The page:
Marshal Lane Morgan, keeper of the peace in the Colorado community of Skylar during the final decade of the 19th century, embodies the taming of the West. Not only is he an agent of the law, charged with pacifying that onetime wide-open mining town, but his demeanor and his voice—he narrates this western-mystery hybrid—reflect the softer, more civilization-friendly impulses within the American spirit. That’s not to say that he lacks the capacity for rip-roaring action. In one scene, he leaps from the window of a saloon-hotel and onto a buckboard. In another, he heads off to rescue his kidnapped wife, Callie, only to find himself bound and gagged, and staring into the barrel of a gun. Yet the story that he tells, pivoting as it does around a formal murder investigation, belongs to the world of settled society. It starts when Callie’s former husband, one David Stanton of Chicago, comes to Skylar and pursues a scheme to blackmail Morgan and Callie. Stanton soon turns up dead, and Morgan sets out to interview people who might have had reason to kill the interloper. Suspects include a farmer woman who had slept with the victim; the husband of that woman; the town potentate, who believes that he’s above the law; and, of course, Callie. To conduct his sleuthing rounds, Morgan uses a horse rather than a beaten-down roadster, but otherwise he operates essentially in the same mode as Philip Marlowe. The frontier way of life, and the fabled passions that it arouses, have all but vanished. Even Morgan’s effort to clear his wife of suspicion comes across as controlled and stately; by the standards of modern pulp entertainment, it’s hardly “relentless.” Similarly, Gorman’s prose is stolid and whip-smart, but largely devoid of raw emotion. The emphasis here is on the rule of law, not the law of revenge, and the marshal’s tin star, battered though it may be, stays firmly in place on his chest.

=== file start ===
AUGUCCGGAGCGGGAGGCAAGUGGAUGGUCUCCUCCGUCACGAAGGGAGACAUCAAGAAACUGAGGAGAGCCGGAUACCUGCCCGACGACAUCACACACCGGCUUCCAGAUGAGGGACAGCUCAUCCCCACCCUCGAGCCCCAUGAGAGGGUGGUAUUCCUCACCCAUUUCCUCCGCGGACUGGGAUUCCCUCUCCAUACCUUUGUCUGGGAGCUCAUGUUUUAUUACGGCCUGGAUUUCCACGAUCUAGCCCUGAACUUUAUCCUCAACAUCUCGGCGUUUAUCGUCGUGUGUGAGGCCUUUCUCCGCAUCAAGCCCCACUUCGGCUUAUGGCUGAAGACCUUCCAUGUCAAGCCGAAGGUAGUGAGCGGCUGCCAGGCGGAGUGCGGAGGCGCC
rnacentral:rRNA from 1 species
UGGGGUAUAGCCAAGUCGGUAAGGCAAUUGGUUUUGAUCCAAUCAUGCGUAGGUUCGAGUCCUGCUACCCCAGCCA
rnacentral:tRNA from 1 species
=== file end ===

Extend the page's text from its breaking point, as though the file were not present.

ED GORMAN. Relentless (2003).